Instead of a coin cost, buildings have a changing value. When you pay for a house, you pay the price at the top, plus the market value that will be explained in a bit, and put a little house marker on it. Then, you have the choice of spending the icon value of the house (by tilting it down on your board), or doing nothing. If you do nothing, the house is "unmaintained", and at the end of the action phase it will depreciate in value. When you sell it later, it's better if it's value is lower than when you bought it. That means you lose money, and losing money is the goal of the game.

The are four types of houses, as noted by the four colors of house icons. They usually mean different value ranges. However, the green house type, the farm, is a bit special. It only has one value, and can never depreciate.

When you buy or sell a house, you have to add the value of the house on the market (give examples). During one of the previous phases, you'll have a change to change the position of the markers on the market however you wish. Remember, you want to buy houses HIGH and sell LOW - you want to LOSE money.

Selling a house (removing it from your board), costs an action. This is unlike the Helpers & Expenses cards, which you can remove from your board for free whenever you wish.

Houses can also be upgraded with companions. You discard a companion card and mark it on the player board. This lets you "spend" money on the house. You have to upgrade in order. When spending money you can only choose one of the options. This may be relevant in the rare case when you can't go below 0 yet (due to having houses on the board), and you can only spend an exact amount.

Some Helper cards will allow you to upgrade houses for free, or manipulate the market, etc.

Note that you are allowed to buy a house, spend it for money, and sell it all on the same turn, if you have enough action points.

That's it about the cards! (Unless I missed something important )

Remains to explain:
*) Discard down to two cards at the end of a round. Can't keep the companion wild card.
*) Planning phase.
*) Worker placement/errand phase
*) The special card deck, that seeds the main board. Note the white/black border of those card to know if you play and discard them, or they go on your board.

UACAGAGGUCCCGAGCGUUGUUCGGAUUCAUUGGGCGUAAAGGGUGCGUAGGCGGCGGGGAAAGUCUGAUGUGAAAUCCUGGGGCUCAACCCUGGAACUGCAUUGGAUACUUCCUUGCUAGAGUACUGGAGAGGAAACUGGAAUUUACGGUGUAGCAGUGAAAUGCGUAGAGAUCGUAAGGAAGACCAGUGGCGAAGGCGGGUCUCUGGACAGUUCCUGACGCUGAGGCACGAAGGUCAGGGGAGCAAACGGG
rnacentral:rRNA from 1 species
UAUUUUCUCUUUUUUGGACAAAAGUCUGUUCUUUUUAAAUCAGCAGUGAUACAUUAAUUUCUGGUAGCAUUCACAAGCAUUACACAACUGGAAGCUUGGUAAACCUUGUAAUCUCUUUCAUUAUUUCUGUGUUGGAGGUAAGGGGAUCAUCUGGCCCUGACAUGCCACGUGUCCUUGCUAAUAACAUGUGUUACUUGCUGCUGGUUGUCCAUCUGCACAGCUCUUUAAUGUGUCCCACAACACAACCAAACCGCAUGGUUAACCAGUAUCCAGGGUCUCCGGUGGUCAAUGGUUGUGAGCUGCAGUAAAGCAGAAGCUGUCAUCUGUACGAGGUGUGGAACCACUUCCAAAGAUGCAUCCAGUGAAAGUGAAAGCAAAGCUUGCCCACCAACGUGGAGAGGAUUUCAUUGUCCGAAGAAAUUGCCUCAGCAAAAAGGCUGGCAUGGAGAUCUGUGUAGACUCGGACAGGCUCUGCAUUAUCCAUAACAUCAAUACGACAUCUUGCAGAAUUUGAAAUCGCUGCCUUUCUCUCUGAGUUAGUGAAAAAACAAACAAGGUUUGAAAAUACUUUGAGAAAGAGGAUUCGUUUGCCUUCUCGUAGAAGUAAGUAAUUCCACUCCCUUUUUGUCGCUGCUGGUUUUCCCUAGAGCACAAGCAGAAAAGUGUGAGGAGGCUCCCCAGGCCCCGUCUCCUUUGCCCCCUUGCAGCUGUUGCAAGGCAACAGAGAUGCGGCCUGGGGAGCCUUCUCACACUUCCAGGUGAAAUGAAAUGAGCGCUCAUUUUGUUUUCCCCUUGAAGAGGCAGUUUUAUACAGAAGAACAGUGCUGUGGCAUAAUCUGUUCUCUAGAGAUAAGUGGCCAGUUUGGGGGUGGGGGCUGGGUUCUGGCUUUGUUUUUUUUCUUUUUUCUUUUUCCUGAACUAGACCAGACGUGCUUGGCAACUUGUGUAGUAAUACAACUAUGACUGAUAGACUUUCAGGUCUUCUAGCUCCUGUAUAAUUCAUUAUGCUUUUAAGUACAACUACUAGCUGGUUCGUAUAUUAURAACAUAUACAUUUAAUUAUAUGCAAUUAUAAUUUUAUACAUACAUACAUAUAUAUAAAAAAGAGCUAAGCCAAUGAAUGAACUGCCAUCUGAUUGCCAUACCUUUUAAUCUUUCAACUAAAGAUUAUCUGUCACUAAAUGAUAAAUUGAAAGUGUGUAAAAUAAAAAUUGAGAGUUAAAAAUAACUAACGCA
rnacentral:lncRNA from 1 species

*) Don't forget to mark your action points on your board as soon as you pick a spot in the planning phase.
*) Don't forget to tilt cards on your board, to remember when you've used them.
*) Don't forget: When drawing cards, you declare how many of each type you want BEFORE drawing them.
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Vincent Lalyman
France
Strasbourg
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Good job, SaltyHorse

To summarize, as with many eurogames, it is best to :
- first explain the goal (here : lose your money)
- how to reach the goal (here : by using cards)
- how the tools you use to reach the goal work (the way the differents types of cards work)
- how to gain the tools (the board and placement)

By doing it in "reverse order", every step becomes meaningful, and the players stay focused. They will learn faster, and may already think about a strategy.

Sometimes I think that many rulebooks should be written this way, with the order of play phases being the last thing you learn - but tradition is hard to break.
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Nick Imholte
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Great summary, very similar to how I go about it. My only difference is I do properties before helpers, since their are helpers that impact houses, but not vice-versa. It prevents the whole "I'll come back to these cards later" routine.
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Kim Fjeld
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SaltyHorse wrote:
I think the trick is explaining the cards first, and leaving the planning and errand phases to the end, after players understand what they mean.


I pretty much do the same and it works! I even managed to pass the rules on to a complete boardgame newbie. meeple

However, in my experience even the best of rule explanations some players just don't get it. It has nothing to do with you (the explainer) or the rules, it's just that their head got clotted by the wrong concepts in the first place. It has even happened to me in some games, and it can be really hard to 'fix'. So I would add that it's important to encourage whomever to ask again whenever about anything related to the game. In that way you can find and unplug these clots. It could otherwise ruin the experience of a game and may upset the evening as a whole for that person.